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5-8 October 2005

 

 
 

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M
icroarray Analysis of Anopheles gambiae Gene Expression in Response to Chloroquine Treatment

P. Abrantes1, G. Dimopoulos2, V.E. do Rosário1 and H. Silveira1
1
Centro de Malária e Outras Doenças Tropicais/ UEI de Malária, Instituto de Higiene e Medicina Tropical, Universidade Nova de Lisboa, Portugal
2W. Harry Feinstone Department of Molecular Microbiology and Immunology, Bloomberg School of Public Health, Johns Hopkins University, Baltimore, USA

Although knowledge of the mosquito immune response and mosquito-host interaction mechanisms has recently improved, very little is known about the impact of the antimalarial chloroquine on mosquito immunity. In order to further characterize that impact and to help clarify the poorly characterized mechanism of action of chloroquine, cDNA microarrays were used to analyze global gene expression.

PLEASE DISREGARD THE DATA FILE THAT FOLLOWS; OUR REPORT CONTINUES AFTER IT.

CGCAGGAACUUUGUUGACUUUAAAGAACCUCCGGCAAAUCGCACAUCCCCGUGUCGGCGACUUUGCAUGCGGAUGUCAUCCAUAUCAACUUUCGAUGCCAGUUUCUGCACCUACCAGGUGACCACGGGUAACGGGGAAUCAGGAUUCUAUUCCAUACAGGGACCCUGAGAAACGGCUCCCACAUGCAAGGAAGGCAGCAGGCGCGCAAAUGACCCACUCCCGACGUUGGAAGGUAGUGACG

Anopheles gambiae spotted 20K EST microarrays comprising 20,000 EST clone inserts from various developmental and tissue specific EST libraries were used to examine mosquito midgut and cell line gene expression in response to a blood meal containing chloroquine. Microarray slides were scanned on a TECAN LS 300 SCANNER and images processed by means of the Chipskipper software version 1.1. Intensities of hybridized targets and associated background were estimated. For the within-array normalization, spots with bad quality were removed and background was subtracted. Normalized ratio was log2 transformed and LOESS (locally weighted polynomial regression) regression was applied. For the between-array normalization, a centering-scale step was used. Final data set was processed with GEPAS tools.

Approximately 4 % of the total ESTs analyzed was expressed at least two-fold above or below the controls. Affected genes represent a variety of functional classes that include immunity, oxidative stress, transporters, cytoskeleton, replication, transcription and translation, as well as a number of unknown genes. Five immunity-related genes (two serine proteases, two serpins and one prophenoloxidase) and three oxidative stress-related genes (two glutathione-s-transferases and one thioredoxin) were analyzed by quantitative real-time PCR in order to validate microarray results.

This work was supported by POCTI/MGI/44905/2002. P. Abrantes was supported by F.C.T grant SFRH/BD/6346/2001.